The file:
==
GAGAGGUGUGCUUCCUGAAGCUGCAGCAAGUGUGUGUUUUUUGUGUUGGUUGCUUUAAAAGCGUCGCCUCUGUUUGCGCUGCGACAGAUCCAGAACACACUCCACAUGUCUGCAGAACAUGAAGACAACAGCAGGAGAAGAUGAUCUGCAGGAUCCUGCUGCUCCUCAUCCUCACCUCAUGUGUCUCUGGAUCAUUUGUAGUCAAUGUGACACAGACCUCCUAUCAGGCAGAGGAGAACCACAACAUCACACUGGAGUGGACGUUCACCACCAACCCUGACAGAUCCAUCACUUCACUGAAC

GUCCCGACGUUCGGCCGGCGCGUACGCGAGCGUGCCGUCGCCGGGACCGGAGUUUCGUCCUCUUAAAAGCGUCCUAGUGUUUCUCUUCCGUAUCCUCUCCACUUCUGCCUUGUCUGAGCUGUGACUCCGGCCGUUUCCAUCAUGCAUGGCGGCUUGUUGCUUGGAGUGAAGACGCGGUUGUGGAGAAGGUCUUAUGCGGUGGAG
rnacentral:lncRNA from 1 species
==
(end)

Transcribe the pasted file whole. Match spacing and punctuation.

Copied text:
GAGAGGUGUGCUUCCUGAAGCUGCAGCAAGUGUGUGUUUUUUGUGUUGGUUGCUUUAAAAGCGUCGCCUCUGUUUGCGCUGCGACAGAUCCAGAACACACUCCACAUGUCUGCAGAACAUGAAGACAACAGCAGGAGAAGAUGAUCUGCAGGAUCCUGCUGCUCCUCAUCCUCACCUCAUGUGUCUCUGGAUCAUUUGUAGUCAAUGUGACACAGACCUCCUAUCAGGCAGAGGAGAACCACAACAUCACACUGGAGUGGACGUUCACCACCAACCCUGACAGAUCCAUCACUUCACUGAAC

GUCCCGACGUUCGGCCGGCGCGUACGCGAGCGUGCCGUCGCCGGGACCGGAGUUUCGUCCUCUUAAAAGCGUCCUAGUGUUUCUCUUCCGUAUCCUCUCCACUUCUGCCUUGUCUGAGCUGUGACUCCGGCCGUUUCCAUCAUGCAUGGCGGCUUGUUGCUUGGAGUGAAGACGCGGUUGUGGAGAAGGUCUUAUGCGGUGGAG
rnacentral:lncRNA from 1 species